Immigration Department secretary Mike Pezzullo: 'Cult of the lifer' is corrosive
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Immigration Department secretary Mike Pezzullo: 'Cult of the lifer' is corrosive

Department of Immigration and Border Protection secretary Mike Pezzullo says the "cult" of the public service "lifer" rewarded for spending a whole career at the same agency is corrosive.

His call for the bureaucracy to encourage workforce mobility comes as departments across the public service look at adding an extra year to graduate programs.

Mike Pezzullo, secretary Department of Immigration and Border Protection.

Mike Pezzullo, secretary Department of Immigration and Border Protection. Credit:Rohan Thomson

In speeches to future leaders in Canberra, Industry Department secretary Glenys Beauchamp said she had introduced a two-year graduate program – the first cohort began in 2014 and had just started their second year – while Mr Pezzullo said immigration was considering doing the same.

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Mr Pezzullo, who said he was attracted to the possible change but had not made up his mind, said public servants should also be told shifting between departments was not a toxic decision.

"Subject matter and knowledge is important but institutional loyalty, which I'm very sceptical about, is not valued as it traditionally was," Mr Pezzullo said at the conference at the Hyatt Hotel.

"I think it's corrosive."

About a third of senior executives have been replaced at the Immigration Department and most of those who filled these jobs had moved sideways.

Mr Pezzullo reached the "senior middle" levels of the Defence Department after five years himself in the 1980s only to discover "the experience, age and, to some extent, ideological and almost philosophical gap between me and the next level up meant I would not advance until I became crusty, old and cynical".

At the time he moved sideways to the Department of the Prime Minister and Cabinet and was told by Defence colleagues "why are you going there?", "we hate them" and "we don't work well with them".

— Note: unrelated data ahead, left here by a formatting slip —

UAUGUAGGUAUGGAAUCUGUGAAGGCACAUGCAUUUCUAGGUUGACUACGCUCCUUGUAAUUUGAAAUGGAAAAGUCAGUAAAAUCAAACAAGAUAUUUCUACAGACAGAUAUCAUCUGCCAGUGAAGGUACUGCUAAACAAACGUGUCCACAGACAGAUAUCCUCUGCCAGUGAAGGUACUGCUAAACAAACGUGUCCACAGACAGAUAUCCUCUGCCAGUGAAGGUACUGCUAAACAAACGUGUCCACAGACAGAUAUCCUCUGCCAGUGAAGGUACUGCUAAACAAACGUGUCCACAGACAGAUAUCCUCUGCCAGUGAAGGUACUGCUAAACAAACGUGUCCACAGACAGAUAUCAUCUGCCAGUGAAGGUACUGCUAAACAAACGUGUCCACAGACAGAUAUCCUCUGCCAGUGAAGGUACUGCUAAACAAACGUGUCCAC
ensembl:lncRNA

"In those days it was seen as a sign of disloyalty," he said.

In his former job as Australian Customs and Border Protection Service chief executive, Mr Pezzullo said he sent a five-page letter to senior leaders which led to some staff departing the organisation and others flourishing. The letter set out what the organisation expected of leaders.

"Some of those officers have come through to more senior roles but it also led to some difficult but, in the end, mutually respectful discussions that saw a parting of ways where there was either incapacity to keep up with the stress and pace we were setting or a misalignment between the individual's aspirations and the (organisation's) aspirations," he said.

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The letter said leaders look for real-world insights, seek real-world feedback and do not listen to "the noise".

It said leaders take action, ensured these actions became reality and were fully invested in the successes and failures of the organisation.

"They are personally well-organised and efficient – personal disorganisation and lack of attention to detail are signs of disrespect," he said. He also expected public service leaders to excel higher than even the ethical standards formally set out for bureaucrats.

During the speech he spoke about the challenge of managing migrants and visitors to Australia and limiting the amount of traffic coming into the country.

"We expect continued strong growth in all those categories of people who want to come to Australia," he said. "6.8 billion people can't live here – you need to manage that tension."

Phillip Thomson is a Public Service Reporter at The Canberra Times.